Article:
Get Your Motor Running - Road Rage

Get Your Motor Running. Head out on the highway. Anyone that knows me will tell you I am pretty easy going. I admit to a temper and I do get angry. But I don’t lose my temper. Well, rarely. My point is that I fit within those parameters to be considered just a normal guy. I am usually reserved, occasionally emotional. No extreme behaviours.

What I want to know is what turns us into complete asses when we get behind the wheel of a car?
I am not necessarily talking of extreme road rage where someone gets out the car and attacks other people or throws things. I am speaking of that point before it escalates. What makes us so irate? How do otherwise calm and normal people suddenly become angry?

What specifically sets us off?

Last week my elderly neighbour and I pulled out of the garage seconds apart from each other. He was ahead of me by a couple car lengths.
He turned right. I turned right.
He turned left. I turned left.
He took the merge onto the highway, I followed right after.
He swerved over three lanes to the left. I slowed down.
He swerved over three lanes to the right. I assumed he dropped his 8-Track tape so I slowed down to keep some safe distance.
A warning tap on the horn seemed to wake him up and he found his bearing and drove off – in a straight line.

I kept my cool. This time.

I heard one radio psychologist offer an explanation. She indicated that emotional immaturity would be the most likely cause of road rage. The individual is not capable of considering the other person’s perspective or emotions.

This week I was driving on a busy part of the highway. For the Montreal readers – the raised Met, just east of St. Laurent.
One of those box trucks – probably a 24-footer - cut me off.
I had to hit the breaks, there was absolutely no where for me to go, or swerve. Out of necessity I honked my horn to warn him off.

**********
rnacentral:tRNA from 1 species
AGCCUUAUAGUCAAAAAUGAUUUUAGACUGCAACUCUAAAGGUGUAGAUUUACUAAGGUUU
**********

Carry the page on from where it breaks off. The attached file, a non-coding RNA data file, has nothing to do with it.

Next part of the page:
Despite this, the driver continued forward and sent some hand gestures my way. He stopped his sign language when he seemed to notice the police car to my left. Now, I do not know if either the police officer or truck driver saw me give the finger. But I reacted. I am a much calmer driver than I used to be. This was the first time in years I gave someone the finger while driving. 

I did get out of my car a couple years back after a cab driver cut me off three times. The first time was by accident. He did not like the fact that I honked the horn, so he swerved to block me and attempted to drive me off the road. That one ended peacefully after a brief verbal exchange. I remained calm, but common sense says that I should not have stepped out of the car.

From everything I have read, road rage can include aggressive speeding, cutting people off, weaving in and out of traffic, flashing your lights, rude gestures, yelling abuse, honking the horn, and of course hitting someone or throwing objects.

Rather then lump all driving behaviours together, I would prefer to separate the behaviours into three categories. Road Rage, Aggressive Behaviour and Aggressive Driving
Although, there is some overlap, at the extreme end, Road Rage would include physical violence, threats, attempts to injure. 
Aggressive behaviour could also cover abusive language, honking the horn, intentionally cutting people off, rude gestures.
Aggressive Driving would probably cover, peeling tires, excessive speeding and cutting people off but not with the intent of injury towards another person. This category could be interchangeable with unsafe or reckless driving.

What makes us do these things?

Even calm and otherwise well behaved people fall into this trap. We can control ourselves in the supermarket and at work. What happens in the car?

I indicated earlier that I am a calmer driver than I was years ago. The first event that gave me perspective was a 36 hour road trip with friends some years ago. You spend 36 hours in a car with three other smelly loud immature obnoxious 20-something year olds and tell me it doesn’t change you. 
After that, sitting in traffic for 45 minutes does not seem nearly as bad.

The other thing that altered my perspective was the realization that I have unintentionally cut people off. Why should I get angry at someone who cut in front of me in error? I wave an apology and I immediately see the changed look on the other persons face. Anger turns to forgiveness with that typical wave and nod of the head.
I did not intend for this to be a lesson. I suppose I am still looking for answers. But if you do not mind the suggestion, be a courteous driver, always signal, do not tailgate, don’t cut through parking lots at odd angles, and do not flash your high beams. And when you wave, wave with all five fingers.

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